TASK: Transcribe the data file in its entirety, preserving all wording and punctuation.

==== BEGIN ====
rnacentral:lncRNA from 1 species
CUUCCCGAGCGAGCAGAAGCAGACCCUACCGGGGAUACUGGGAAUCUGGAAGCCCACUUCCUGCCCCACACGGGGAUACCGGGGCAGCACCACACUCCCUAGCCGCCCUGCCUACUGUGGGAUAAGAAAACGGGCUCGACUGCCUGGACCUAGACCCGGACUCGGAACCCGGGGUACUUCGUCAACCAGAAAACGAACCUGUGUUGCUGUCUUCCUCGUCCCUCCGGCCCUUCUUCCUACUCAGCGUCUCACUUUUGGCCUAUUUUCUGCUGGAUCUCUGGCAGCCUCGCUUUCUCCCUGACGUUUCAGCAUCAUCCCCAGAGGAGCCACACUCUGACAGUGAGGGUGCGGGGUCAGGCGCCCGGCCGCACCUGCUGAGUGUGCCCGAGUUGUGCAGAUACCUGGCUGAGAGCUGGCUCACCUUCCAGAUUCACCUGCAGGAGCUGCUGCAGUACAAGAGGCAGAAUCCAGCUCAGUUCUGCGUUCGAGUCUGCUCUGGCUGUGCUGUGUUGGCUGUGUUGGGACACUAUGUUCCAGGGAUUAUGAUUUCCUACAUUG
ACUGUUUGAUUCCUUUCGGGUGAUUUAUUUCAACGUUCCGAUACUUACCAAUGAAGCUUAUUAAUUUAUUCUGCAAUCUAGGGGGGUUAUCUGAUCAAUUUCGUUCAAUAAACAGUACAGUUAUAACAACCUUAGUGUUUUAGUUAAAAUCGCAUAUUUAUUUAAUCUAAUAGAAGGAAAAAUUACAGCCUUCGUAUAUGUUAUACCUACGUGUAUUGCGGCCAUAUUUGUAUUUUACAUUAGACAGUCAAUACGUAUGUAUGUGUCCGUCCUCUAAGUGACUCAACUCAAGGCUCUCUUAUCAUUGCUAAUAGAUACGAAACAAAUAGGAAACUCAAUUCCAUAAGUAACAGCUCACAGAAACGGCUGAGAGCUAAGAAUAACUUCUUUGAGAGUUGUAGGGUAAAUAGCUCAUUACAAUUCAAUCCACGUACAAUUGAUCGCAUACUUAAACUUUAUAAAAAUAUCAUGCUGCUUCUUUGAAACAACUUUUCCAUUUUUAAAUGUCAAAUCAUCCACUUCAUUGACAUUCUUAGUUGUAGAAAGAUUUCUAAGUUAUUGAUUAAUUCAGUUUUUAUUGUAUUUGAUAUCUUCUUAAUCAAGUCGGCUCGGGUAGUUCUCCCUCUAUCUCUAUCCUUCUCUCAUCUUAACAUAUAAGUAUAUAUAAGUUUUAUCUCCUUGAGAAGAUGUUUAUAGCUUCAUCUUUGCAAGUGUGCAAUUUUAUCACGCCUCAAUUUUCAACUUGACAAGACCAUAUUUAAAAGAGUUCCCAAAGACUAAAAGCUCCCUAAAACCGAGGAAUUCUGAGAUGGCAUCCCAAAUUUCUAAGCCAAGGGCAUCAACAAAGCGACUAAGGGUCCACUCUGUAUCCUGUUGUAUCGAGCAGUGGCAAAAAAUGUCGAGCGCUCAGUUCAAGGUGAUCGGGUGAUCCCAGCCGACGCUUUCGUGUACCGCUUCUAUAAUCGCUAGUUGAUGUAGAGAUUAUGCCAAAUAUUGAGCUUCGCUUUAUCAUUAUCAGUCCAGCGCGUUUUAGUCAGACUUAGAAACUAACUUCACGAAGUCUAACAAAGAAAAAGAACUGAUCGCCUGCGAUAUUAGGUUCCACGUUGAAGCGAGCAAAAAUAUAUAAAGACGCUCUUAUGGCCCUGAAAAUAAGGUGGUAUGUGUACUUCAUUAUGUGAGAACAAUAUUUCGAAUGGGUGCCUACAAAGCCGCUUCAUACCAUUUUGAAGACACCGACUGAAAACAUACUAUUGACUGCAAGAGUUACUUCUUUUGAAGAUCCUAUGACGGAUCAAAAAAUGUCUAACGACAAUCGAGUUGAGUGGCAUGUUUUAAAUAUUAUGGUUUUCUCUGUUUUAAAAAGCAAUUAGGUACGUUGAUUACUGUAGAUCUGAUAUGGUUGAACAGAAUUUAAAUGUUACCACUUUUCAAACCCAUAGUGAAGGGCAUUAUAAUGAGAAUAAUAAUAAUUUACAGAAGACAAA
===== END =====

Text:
rnacentral:lncRNA from 1 species
CUUCCCGAGCGAGCAGAAGCAGACCCUACCGGGGAUACUGGGAAUCUGGAAGCCCACUUCCUGCCCCACACGGGGAUACCGGGGCAGCACCACACUCCCUAGCCGCCCUGCCUACUGUGGGAUAAGAAAACGGGCUCGACUGCCUGGACCUAGACCCGGACUCGGAACCCGGGGUACUUCGUCAACCAGAAAACGAACCUGUGUUGCUGUCUUCCUCGUCCCUCCGGCCCUUCUUCCUACUCAGCGUCUCACUUUUGGCCUAUUUUCUGCUGGAUCUCUGGCAGCCUCGCUUUCUCCCUGACGUUUCAGCAUCAUCCCCAGAGGAGCCACACUCUGACAGUGAGGGUGCGGGGUCAGGCGCCCGGCCGCACCUGCUGAGUGUGCCCGAGUUGUGCAGAUACCUGGCUGAGAGCUGGCUCACCUUCCAGAUUCACCUGCAGGAGCUGCUGCAGUACAAGAGGCAGAAUCCAGCUCAGUUCUGCGUUCGAGUCUGCUCUGGCUGUGCUGUGUUGGCUGUGUUGGGACACUAUGUUCCAGGGAUUAUGAUUUCCUACAUUG
ACUGUUUGAUUCCUUUCGGGUGAUUUAUUUCAACGUUCCGAUACUUACCAAUGAAGCUUAUUAAUUUAUUCUGCAAUCUAGGGGGGUUAUCUGAUCAAUUUCGUUCAAUAAACAGUACAGUUAUAACAACCUUAGUGUUUUAGUUAAAAUCGCAUAUUUAUUUAAUCUAAUAGAAGGAAAAAUUACAGCCUUCGUAUAUGUUAUACCUACGUGUAUUGCGGCCAUAUUUGUAUUUUACAUUAGACAGUCAAUACGUAUGUAUGUGUCCGUCCUCUAAGUGACUCAACUCAAGGCUCUCUUAUCAUUGCUAAUAGAUACGAAACAAAUAGGAAACUCAAUUCCAUAAGUAACAGCUCACAGAAACGGCUGAGAGCUAAGAAUAACUUCUUUGAGAGUUGUAGGGUAAAUAGCUCAUUACAAUUCAAUCCACGUACAAUUGAUCGCAUACUUAAACUUUAUAAAAAUAUCAUGCUGCUUCUUUGAAACAACUUUUCCAUUUUUAAAUGUCAAAUCAUCCACUUCAUUGACAUUCUUAGUUGUAGAAAGAUUUCUAAGUUAUUGAUUAAUUCAGUUUUUAUUGUAUUUGAUAUCUUCUUAAUCAAGUCGGCUCGGGUAGUUCUCCCUCUAUCUCUAUCCUUCUCUCAUCUUAACAUAUAAGUAUAUAUAAGUUUUAUCUCCUUGAGAAGAUGUUUAUAGCUUCAUCUUUGCAAGUGUGCAAUUUUAUCACGCCUCAAUUUUCAACUUGACAAGACCAUAUUUAAAAGAGUUCCCAAAGACUAAAAGCUCCCUAAAACCGAGGAAUUCUGAGAUGGCAUCCCAAAUUUCUAAGCCAAGGGCAUCAACAAAGCGACUAAGGGUCCACUCUGUAUCCUGUUGUAUCGAGCAGUGGCAAAAAAUGUCGAGCGCUCAGUUCAAGGUGAUCGGGUGAUCCCAGCCGACGCUUUCGUGUACCGCUUCUAUAAUCGCUAGUUGAUGUAGAGAUUAUGCCAAAUAUUGAGCUUCGCUUUAUCAUUAUCAGUCCAGCGCGUUUUAGUCAGACUUAGAAACUAACUUCACGAAGUCUAACAAAGAAAAAGAACUGAUCGCCUGCGAUAUUAGGUUCCACGUUGAAGCGAGCAAAAAUAUAUAAAGACGCUCUUAUGGCCCUGAAAAUAAGGUGGUAUGUGUACUUCAUUAUGUGAGAACAAUAUUUCGAAUGGGUGCCUACAAAGCCGCUUCAUACCAUUUUGAAGACACCGACUGAAAACAUACUAUUGACUGCAAGAGUUACUUCUUUUGAAGAUCCUAUGACGGAUCAAAAAAUGUCUAACGACAAUCGAGUUGAGUGGCAUGUUUUAAAUAUUAUGGUUUUCUCUGUUUUAAAAAGCAAUUAGGUACGUUGAUUACUGUAGAUCUGAUAUGGUUGAACAGAAUUUAAAUGUUACCACUUUUCAAACCCAUAGUGAAGGGCAUUAUAAUGAGAAUAAUAAUAAUUUACAGAAGACAAA